Within this span, The ad begins with an animated train coming out a tunnel. This suggest that it may be from a tv, then the camera zooms out to prove our suspicions. We can tell this is a happy middle class by the natural colors the video is shot in. The deliberate placement of the young child in the room suggests that the boy is very young and playful. The messiness of the living room can also suggest the young boy was the culprit. Also, the setup of the room alongside the interaction between the dad and the boy suggests the laid-back attitude of the family.
We see the father tickling the child. The smile on the face of both the father and boy suggests the deep happiness dwelling within the family.
In this frame, the boy looks up at the ceiling as if he was bored or thinking of something, at this point we can see the mischieve in the young child’s face. A face that most young children have when boredom sticks.
We see utensils all over the place, and a half drank glass of water, and this suggests the family might be sloppy. Also, a kitchen knife is improperly stored on the counter table. The camera is specifically focused on the placement of the knife, glass of water, and bowl- Very careless of adults. This may be a form of a metaphor purposely displayed by the creator of the ad. That a utensil such a knife could easily be placed next to a glass of water, which is easy for a child to reach. also, we see the father walk pass it without taking a second look.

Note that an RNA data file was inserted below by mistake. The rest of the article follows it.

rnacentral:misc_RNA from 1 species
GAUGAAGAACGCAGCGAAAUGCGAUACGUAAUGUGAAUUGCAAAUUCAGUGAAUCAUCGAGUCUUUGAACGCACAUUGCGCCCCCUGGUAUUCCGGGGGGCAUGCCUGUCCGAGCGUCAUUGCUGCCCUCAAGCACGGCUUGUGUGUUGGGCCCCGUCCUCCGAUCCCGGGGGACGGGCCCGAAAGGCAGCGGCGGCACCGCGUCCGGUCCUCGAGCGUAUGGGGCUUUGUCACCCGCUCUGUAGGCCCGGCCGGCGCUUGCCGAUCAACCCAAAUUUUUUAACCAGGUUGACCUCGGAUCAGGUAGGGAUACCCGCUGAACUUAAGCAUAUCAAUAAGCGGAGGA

Within this span, the camera goes from the dad to the boy, with the dad facing the kid like he was having a conversation with the boy. The dad also folds his sleeve up while standing in front of the sink. We can conclude the dad was about to do the dishes or wash his hand. We also see the boy standing in the center of the room, with all focus and attention drawn to the child. The placement of the boy in this frame compels us to think of the position of the knife, and how easy it is for the child to reach it.
2 thoughts on “Visual Rhetoric v1.5- KinGGkunta”
King, you make comments here that I haven’t seen from anybody else. That’s admirable. However, your post fails in the most basic way to communicate to readers what you’re looking at. We should be able to thoroughly visualize the scene without watching it, just from reading your description.
Before you revise, read a classmate’s version. Kevin Bacon doesn’t see everything you do, but he does a good job of helping us see the entire scene. You’ll have to accomplish something like that FIRST, before you pick up credit for finding details nobody else has found.
I redid my visual rhetoric, and I’ll like some “feedback please.”